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Administrative Law Court
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SC Administrative Law Court Decisions

Angela Doiley, d/b/a Angie's vs. SCDOR

South Carolina Department of Revenue

Angela Doiley, d/b/a Angie's

South Carolina Department of Revenue

Christian Men Breakfast Club and Citizens of North Santee, Herbert Dennison, and Sammy Grayson

James E. Doiley, partner of "Angie's," pro se

Arlene D. Hand, Attorney for Respondent

Jack M. Scoville, Jr., Attorney for Protestant-Intervenors



This matter comes before me pursuant to S.C. Code Ann. § 61-4-520 (Supp. 1998) and 23 S.C. Code Ann. Regs. 7-90 (1976) following the Petitioner's request for a contested case hearing. The Petitioner, Angela Doiley, d/b/a Angie's, seeks an on-premises beer and wine permit. After the Protestants filed written protests with the South Carolina Department of Revenue ("DOR"), and upon the Petitioner's request, this matter was transmitted by the DOR to the Administrative Law Judge Division ("ALJD") for a hearing. A hearing was held on October 5, 1999 at the ALJD in Columbia, South Carolina.


Having carefully considered the testimony and the arguments, and taking into account the credibility of the evidence, I find by a preponderance of the evidence:

1. The Petitioner, Angela Doiley, d/b/a Angie's, seeks an on-premises beer and wine permit for an establishment located at 10106 Powell Road, Hwy. 24, Georgetown, South Carolina, in Georgetown County. Angie's is a partnership between Angela Doiley and her father James E. Doiley. Although Ms. Doiley was unable to attend the hearing, Mr. Doiley, a general partner, was present.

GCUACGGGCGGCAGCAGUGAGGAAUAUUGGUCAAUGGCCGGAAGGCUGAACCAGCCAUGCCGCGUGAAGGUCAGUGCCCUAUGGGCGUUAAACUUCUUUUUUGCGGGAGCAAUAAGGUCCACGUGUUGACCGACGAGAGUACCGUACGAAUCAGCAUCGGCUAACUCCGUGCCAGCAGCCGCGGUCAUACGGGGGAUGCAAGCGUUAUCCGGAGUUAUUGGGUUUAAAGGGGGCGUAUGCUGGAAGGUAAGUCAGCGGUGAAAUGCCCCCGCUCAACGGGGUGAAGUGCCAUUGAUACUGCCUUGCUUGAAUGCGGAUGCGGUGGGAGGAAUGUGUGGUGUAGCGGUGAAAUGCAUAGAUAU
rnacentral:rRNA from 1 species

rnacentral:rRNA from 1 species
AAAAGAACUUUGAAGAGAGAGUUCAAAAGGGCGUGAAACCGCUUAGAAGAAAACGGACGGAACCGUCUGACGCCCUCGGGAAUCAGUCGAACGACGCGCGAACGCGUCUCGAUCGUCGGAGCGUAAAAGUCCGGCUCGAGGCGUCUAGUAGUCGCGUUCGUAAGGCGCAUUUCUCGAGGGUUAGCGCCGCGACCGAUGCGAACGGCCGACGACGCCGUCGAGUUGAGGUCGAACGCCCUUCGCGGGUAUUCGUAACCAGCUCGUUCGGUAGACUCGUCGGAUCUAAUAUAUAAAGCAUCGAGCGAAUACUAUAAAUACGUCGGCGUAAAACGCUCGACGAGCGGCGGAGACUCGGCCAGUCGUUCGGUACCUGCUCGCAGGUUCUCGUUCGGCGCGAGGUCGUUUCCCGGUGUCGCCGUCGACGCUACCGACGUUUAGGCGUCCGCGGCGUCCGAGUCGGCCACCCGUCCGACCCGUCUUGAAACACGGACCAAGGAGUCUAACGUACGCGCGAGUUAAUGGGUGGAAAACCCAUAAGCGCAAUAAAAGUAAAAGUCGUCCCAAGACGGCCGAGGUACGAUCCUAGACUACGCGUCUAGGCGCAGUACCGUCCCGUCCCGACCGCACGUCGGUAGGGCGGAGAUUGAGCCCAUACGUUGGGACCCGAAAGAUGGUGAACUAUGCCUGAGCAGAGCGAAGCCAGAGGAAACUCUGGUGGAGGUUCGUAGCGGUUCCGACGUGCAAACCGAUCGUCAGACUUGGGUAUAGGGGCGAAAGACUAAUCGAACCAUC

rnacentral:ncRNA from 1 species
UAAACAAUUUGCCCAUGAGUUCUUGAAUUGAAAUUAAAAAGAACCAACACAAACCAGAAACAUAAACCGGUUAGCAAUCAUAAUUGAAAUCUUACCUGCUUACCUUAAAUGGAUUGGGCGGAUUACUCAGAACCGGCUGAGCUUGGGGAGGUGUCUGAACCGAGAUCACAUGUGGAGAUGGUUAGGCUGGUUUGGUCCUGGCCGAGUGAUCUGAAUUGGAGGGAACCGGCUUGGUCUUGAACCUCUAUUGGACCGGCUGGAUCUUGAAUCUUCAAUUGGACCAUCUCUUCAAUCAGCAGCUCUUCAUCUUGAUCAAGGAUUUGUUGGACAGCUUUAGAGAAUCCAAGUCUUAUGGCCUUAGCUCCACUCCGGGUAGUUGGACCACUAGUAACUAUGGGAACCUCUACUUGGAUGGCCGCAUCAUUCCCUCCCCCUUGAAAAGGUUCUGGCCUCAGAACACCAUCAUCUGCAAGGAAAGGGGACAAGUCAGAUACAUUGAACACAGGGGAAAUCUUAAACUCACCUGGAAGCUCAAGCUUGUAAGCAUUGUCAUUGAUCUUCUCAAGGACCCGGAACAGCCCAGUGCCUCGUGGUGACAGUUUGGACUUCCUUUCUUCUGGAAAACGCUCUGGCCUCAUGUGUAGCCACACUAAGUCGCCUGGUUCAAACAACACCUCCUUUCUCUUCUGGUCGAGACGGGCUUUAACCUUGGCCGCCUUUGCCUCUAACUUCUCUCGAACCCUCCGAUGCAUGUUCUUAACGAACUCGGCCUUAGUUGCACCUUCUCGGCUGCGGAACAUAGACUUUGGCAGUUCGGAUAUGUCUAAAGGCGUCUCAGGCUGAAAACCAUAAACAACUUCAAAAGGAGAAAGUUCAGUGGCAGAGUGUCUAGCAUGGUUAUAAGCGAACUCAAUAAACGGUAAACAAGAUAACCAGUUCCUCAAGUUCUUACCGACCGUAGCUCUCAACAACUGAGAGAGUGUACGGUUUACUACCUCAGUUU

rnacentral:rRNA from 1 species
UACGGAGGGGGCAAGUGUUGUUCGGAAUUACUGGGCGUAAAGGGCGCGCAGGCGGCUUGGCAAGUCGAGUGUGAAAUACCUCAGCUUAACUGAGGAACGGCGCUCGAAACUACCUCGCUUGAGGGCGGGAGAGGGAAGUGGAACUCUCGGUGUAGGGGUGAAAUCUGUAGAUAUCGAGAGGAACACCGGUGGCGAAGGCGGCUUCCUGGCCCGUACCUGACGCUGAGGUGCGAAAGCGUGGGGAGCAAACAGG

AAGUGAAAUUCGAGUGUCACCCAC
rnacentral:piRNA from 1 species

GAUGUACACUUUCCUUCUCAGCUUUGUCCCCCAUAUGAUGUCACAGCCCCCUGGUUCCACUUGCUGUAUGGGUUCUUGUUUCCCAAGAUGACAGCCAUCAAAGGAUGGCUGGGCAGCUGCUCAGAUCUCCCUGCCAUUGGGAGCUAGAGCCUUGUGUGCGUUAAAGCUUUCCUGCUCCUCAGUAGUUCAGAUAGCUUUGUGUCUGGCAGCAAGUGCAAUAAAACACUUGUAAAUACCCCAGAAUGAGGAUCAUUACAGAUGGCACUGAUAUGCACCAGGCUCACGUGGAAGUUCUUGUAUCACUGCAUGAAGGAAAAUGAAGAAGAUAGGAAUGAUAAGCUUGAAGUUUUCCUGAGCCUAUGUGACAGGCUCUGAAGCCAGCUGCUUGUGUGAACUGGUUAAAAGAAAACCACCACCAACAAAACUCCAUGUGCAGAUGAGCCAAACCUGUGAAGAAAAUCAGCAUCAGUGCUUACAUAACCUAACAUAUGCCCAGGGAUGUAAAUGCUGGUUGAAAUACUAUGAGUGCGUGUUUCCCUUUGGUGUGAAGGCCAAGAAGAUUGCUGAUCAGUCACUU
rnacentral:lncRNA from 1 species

2. Prior to the hearing, the DOR moved to be excused from participation in the hearing. In that motion, the DOR indicated that it does not oppose the Petitioner's application and would have granted the permit but for the protests. DOR's motion was denied.

3. The Protestants filed a Motion to Intervene with the Court, which was granted on September 20, 1999.

4. The parties and the Protestants received notice of the time, date, place, and subject matter of this hearing.

5. While none of the Intervenors challenge the Petitioner's suitability to hold the beer and wine permit, they do challenge the suitability of the location.

6. The Petitioner characterizes the business as a bar and game room with recorded music and outside activities. The Petitioner proposes to open the business from Noon until 8:00 p.m., Monday through Friday; and from Noon until midnight on Saturday. The business will be closed on Sunday.

7. The surrounding area is primarily residential, including one residence which is located only 140 feet from the proposed location.

8. The Intervenors' witnesses live close to the proposed location. They are concerned about a variety of problems already occurring at the proposed location. If a beer and wine permit is issued, they fear an increase in those problems.

9. Although the proposed location is not yet licensed, Herbert Dennison has already noticed an increase in litter, loitering, and noise. Furthermore, he observed some individuals "brown bagging" and playing with dice at the proposed location.

10. Bernice Washington lives next door to the proposed location. She has already called the sheriff's department two times about the noise level.